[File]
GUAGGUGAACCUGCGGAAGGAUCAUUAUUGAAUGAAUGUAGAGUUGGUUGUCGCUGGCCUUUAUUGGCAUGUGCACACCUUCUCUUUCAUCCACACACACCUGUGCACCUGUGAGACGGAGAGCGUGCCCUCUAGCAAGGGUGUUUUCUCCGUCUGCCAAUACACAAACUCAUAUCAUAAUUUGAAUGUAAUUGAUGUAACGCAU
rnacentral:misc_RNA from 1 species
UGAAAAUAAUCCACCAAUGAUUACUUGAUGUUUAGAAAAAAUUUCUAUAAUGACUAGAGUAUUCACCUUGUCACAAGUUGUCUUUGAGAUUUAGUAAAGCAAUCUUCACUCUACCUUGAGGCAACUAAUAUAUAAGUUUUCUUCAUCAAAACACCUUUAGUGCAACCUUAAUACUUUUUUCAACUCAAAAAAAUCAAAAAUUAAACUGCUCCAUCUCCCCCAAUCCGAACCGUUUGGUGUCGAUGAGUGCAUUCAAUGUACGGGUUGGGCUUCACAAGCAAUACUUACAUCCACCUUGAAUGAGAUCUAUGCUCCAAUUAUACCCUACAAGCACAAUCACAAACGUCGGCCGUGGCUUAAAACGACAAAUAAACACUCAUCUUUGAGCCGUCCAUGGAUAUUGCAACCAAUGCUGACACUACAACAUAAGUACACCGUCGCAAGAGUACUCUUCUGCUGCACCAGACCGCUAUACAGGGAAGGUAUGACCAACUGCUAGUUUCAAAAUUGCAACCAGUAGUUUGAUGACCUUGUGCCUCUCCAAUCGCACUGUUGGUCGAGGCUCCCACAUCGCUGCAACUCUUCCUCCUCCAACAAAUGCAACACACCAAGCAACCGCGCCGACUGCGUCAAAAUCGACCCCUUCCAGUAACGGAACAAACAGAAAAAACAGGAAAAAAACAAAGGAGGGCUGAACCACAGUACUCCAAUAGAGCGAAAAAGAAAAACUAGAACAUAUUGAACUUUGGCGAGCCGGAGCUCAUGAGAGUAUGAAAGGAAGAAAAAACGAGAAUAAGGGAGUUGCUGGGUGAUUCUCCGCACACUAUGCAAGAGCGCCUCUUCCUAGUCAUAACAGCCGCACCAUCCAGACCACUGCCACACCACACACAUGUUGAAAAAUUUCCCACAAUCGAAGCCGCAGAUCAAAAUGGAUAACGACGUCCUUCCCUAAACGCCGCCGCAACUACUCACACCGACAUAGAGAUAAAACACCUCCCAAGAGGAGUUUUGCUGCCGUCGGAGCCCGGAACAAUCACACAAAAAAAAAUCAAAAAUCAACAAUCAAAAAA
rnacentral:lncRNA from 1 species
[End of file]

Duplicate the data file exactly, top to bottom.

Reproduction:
GUAGGUGAACCUGCGGAAGGAUCAUUAUUGAAUGAAUGUAGAGUUGGUUGUCGCUGGCCUUUAUUGGCAUGUGCACACCUUCUCUUUCAUCCACACACACCUGUGCACCUGUGAGACGGAGAGCGUGCCCUCUAGCAAGGGUGUUUUCUCCGUCUGCCAAUACACAAACUCAUAUCAUAAUUUGAAUGUAAUUGAUGUAACGCAU
rnacentral:misc_RNA from 1 species
UGAAAAUAAUCCACCAAUGAUUACUUGAUGUUUAGAAAAAAUUUCUAUAAUGACUAGAGUAUUCACCUUGUCACAAGUUGUCUUUGAGAUUUAGUAAAGCAAUCUUCACUCUACCUUGAGGCAACUAAUAUAUAAGUUUUCUUCAUCAAAACACCUUUAGUGCAACCUUAAUACUUUUUUCAACUCAAAAAAAUCAAAAAUUAAACUGCUCCAUCUCCCCCAAUCCGAACCGUUUGGUGUCGAUGAGUGCAUUCAAUGUACGGGUUGGGCUUCACAAGCAAUACUUACAUCCACCUUGAAUGAGAUCUAUGCUCCAAUUAUACCCUACAAGCACAAUCACAAACGUCGGCCGUGGCUUAAAACGACAAAUAAACACUCAUCUUUGAGCCGUCCAUGGAUAUUGCAACCAAUGCUGACACUACAACAUAAGUACACCGUCGCAAGAGUACUCUUCUGCUGCACCAGACCGCUAUACAGGGAAGGUAUGACCAACUGCUAGUUUCAAAAUUGCAACCAGUAGUUUGAUGACCUUGUGCCUCUCCAAUCGCACUGUUGGUCGAGGCUCCCACAUCGCUGCAACUCUUCCUCCUCCAACAAAUGCAACACACCAAGCAACCGCGCCGACUGCGUCAAAAUCGACCCCUUCCAGUAACGGAACAAACAGAAAAAACAGGAAAAAAACAAAGGAGGGCUGAACCACAGUACUCCAAUAGAGCGAAAAAGAAAAACUAGAACAUAUUGAACUUUGGCGAGCCGGAGCUCAUGAGAGUAUGAAAGGAAGAAAAAACGAGAAUAAGGGAGUUGCUGGGUGAUUCUCCGCACACUAUGCAAGAGCGCCUCUUCCUAGUCAUAACAGCCGCACCAUCCAGACCACUGCCACACCACACACAUGUUGAAAAAUUUCCCACAAUCGAAGCCGCAGAUCAAAAUGGAUAACGACGUCCUUCCCUAAACGCCGCCGCAACUACUCACACCGACAUAGAGAUAAAACACCUCCCAAGAGGAGUUUUGCUGCCGUCGGAGCCCGGAACAAUCACACAAAAAAAAAUCAAAAAUCAACAAUCAAAAAA
rnacentral:lncRNA from 1 species